A recent article in the San Francisco Chronicle got me to thinking again about why most traditional retailers are having so much trouble these days. Still. I have written before on brick and mortar suicide (just search the blog on brick and mortar), but the trend continues some of which is self-inflicted and some as shoppers and the world changes.
But what can traditional retailers do to survive?
Most advice has two components: First and most obviously, blend online and physical as Walmart has done reasonably well. The key advantage, at least today, is that if the customer wants it “now” they can order it and pay for it online and then go to the store and pick it up. Walmart, Target and others do that well. Others could too and that certainly provides two values for the retailer:
- They get sales the online only stores like Amazon can’t get.
- They can entice the customer to shop their website more often.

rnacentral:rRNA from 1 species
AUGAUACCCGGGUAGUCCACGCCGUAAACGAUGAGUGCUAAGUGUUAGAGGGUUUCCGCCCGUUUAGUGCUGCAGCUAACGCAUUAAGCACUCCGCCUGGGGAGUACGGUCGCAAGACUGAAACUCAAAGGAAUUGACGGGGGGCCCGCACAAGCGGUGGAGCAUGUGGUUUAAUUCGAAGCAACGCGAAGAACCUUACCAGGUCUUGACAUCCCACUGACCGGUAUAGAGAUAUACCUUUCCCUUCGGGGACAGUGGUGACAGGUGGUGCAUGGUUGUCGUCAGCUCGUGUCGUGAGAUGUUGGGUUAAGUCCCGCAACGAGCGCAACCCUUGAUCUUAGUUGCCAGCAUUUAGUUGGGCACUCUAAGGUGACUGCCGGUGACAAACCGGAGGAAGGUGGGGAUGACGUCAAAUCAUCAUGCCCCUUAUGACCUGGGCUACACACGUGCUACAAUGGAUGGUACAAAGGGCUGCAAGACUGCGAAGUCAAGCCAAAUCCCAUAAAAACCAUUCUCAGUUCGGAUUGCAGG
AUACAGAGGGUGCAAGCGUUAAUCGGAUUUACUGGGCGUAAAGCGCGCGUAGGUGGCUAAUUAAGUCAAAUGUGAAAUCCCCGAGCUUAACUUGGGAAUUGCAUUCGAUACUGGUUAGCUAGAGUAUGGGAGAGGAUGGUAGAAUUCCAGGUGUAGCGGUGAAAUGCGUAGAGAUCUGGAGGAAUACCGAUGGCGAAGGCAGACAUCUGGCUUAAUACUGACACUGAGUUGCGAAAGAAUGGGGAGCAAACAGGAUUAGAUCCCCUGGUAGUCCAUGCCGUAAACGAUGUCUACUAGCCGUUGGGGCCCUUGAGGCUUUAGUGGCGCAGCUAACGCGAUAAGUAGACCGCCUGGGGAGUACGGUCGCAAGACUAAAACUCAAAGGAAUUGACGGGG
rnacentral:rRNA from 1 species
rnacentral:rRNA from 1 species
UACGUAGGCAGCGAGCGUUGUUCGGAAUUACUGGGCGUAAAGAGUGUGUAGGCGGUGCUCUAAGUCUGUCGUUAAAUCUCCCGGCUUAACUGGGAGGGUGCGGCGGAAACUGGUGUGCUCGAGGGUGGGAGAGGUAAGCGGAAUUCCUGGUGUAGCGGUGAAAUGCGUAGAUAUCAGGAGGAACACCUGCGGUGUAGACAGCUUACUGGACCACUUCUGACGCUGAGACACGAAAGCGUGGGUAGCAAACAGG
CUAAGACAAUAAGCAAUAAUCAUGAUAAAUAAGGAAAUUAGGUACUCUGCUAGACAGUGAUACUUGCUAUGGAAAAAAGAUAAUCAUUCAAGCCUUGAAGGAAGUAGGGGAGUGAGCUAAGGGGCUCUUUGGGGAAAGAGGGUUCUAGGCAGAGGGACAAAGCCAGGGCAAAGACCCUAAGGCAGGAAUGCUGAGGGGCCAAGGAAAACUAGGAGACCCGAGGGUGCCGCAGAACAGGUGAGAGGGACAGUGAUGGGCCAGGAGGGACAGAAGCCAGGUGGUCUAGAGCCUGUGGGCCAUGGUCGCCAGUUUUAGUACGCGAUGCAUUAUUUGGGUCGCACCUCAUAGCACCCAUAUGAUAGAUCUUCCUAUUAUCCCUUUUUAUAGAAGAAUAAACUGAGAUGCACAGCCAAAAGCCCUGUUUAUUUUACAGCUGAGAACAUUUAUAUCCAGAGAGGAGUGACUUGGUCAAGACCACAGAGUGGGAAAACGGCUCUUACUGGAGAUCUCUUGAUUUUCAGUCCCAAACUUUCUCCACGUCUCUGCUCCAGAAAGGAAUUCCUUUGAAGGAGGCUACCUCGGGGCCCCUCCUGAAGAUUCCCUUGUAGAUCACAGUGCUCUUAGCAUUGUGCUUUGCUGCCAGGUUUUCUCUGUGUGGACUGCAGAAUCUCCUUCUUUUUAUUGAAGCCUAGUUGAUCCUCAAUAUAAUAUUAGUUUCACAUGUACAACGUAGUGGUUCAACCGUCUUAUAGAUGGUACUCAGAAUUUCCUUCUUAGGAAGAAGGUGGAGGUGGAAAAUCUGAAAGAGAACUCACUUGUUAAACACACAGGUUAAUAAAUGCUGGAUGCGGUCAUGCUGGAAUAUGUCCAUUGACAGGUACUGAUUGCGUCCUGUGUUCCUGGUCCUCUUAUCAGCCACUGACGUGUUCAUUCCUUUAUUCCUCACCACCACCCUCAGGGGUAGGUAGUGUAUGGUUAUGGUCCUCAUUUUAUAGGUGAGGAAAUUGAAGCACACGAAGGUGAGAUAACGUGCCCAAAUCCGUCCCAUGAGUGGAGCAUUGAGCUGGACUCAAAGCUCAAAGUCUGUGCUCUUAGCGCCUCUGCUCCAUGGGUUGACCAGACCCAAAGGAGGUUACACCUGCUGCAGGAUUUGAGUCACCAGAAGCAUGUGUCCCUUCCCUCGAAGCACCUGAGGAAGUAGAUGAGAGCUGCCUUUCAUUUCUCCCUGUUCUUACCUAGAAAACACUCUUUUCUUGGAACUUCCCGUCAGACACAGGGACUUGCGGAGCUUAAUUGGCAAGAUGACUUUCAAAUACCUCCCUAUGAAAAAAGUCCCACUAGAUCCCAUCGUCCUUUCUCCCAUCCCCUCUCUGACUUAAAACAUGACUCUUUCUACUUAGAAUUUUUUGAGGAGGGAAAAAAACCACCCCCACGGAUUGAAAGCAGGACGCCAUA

All they have to do to make this business model work is create a website with a great customer experience (should not be that tough today) and make sure they can execute in-store for online orders. Again, should not be that tough.
However, there is one other area that most stores are not only failing in, but going backwards: That is in-store customer experience. Shopping for many used to be fun. Most retailers have killed that. Macy’s is in a death spiral in my opinion because, among other things, they destroyed their in-store experience.
Williams Sonoma still makes shopping in their stores an experience. Surprise (not) their in-store and online sales are both strong. Meanwhile retailers such as Sears, Penny’s and soon to be Macy’s are cutting “costs” that make shopping in-store an experience worth having. Destroy that and why should anyone wonder why ‘nobody’ does it anymore?
What does the brick and mortar business model offer that online can’t? Instant delivery and shopping experience. If you don’t provide either of those then why are you surprised when sales drop?